the conditions that make encouragement ineffective in order to hold person liable as an accomplice (e.g. if
we can subtract members of a group, why cannot we subtract principal’s deafness or a wall that prevents
encouragement from being hear?).
d) Wilcox v. Jeffery:
(1) Facts: Reported greeted musician at airport, bought a ticket for illegal concert, attended it, applauded,
and wrote a positive review of it. Owners of the venue and the musician were guilty as the principals.
(2) Holding: Defendant is liable as an accomplice because if all other audience members subtracted, he
would have had influence on the underlying offense. Each individual was redundant, but collectively
there were not.
(3) Note: Same justification could potentially hold each member of the audience liable as an accomplice.
3. MPC Approach: No distinction between redundancy and inefficacy. Instead, all “attempts” to aid or facilitate establish
accomplice liability.
a) Problem: Attempt to avoid line-drawing unsuccessful because we still do not hold liable people who know
their “attempts” will be completely ineffective. Still must try to differentiate between different ways of not
having an effect. But, it would eliminate complicity doctrine not to impose liability for redundant or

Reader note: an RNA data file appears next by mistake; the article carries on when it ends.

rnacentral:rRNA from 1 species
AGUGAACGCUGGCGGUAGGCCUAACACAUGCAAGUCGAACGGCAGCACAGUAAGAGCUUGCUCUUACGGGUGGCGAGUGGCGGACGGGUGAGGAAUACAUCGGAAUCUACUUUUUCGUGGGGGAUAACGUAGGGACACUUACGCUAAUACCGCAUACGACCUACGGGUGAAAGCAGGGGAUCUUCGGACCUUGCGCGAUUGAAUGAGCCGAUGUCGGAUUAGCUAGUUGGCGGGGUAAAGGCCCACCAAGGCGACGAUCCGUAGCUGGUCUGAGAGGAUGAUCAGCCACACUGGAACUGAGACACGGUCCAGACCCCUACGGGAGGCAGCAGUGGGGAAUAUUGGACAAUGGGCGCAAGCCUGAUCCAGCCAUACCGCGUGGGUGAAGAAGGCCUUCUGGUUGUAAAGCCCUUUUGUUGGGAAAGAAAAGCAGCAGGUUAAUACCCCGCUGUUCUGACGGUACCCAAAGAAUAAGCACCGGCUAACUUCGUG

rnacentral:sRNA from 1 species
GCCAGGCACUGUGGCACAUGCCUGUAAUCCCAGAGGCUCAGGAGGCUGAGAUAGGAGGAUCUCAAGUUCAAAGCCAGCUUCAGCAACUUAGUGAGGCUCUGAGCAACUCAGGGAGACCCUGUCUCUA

overdetermined causes.
III.
Relationship of Liabilities of Parties
A. Model Penal Code: General Principle
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1. MPC § 2.06(1): A person is guilty of an offense if it is committed by his own conduct or by the conduct of another
person for which he is legally accountable, or both.
2. Effect: Equates accomplices and principals by making them guilty of the same crime.
3. Degrees of participation have effect only in sentencing not in terms of the crimes charged.
B. Innocent Instrumentality Rule:
1. Exception to the usual requirement of a guilty principal, since accomplice liability is only derivative in nature. Here, the
accomplice is more like the guilty principal than is the innocent person who he causes to commit the actual act.
2. MPC § 2.06(2): A person is legally accountable for the conduct of another person when:
(1) Acting with the kind of culpability that is sufficient for the commission of the offense, he causes an
innocent or irresponsible person to engage in such conduct; or
(2) He is made accountable for the conduct of such other person by the Code of by the law defining the
offense.
3. Quasi-Principal Rule (a): If one causes an innocent or irresponsible person to engage in illegal conduct, there is liability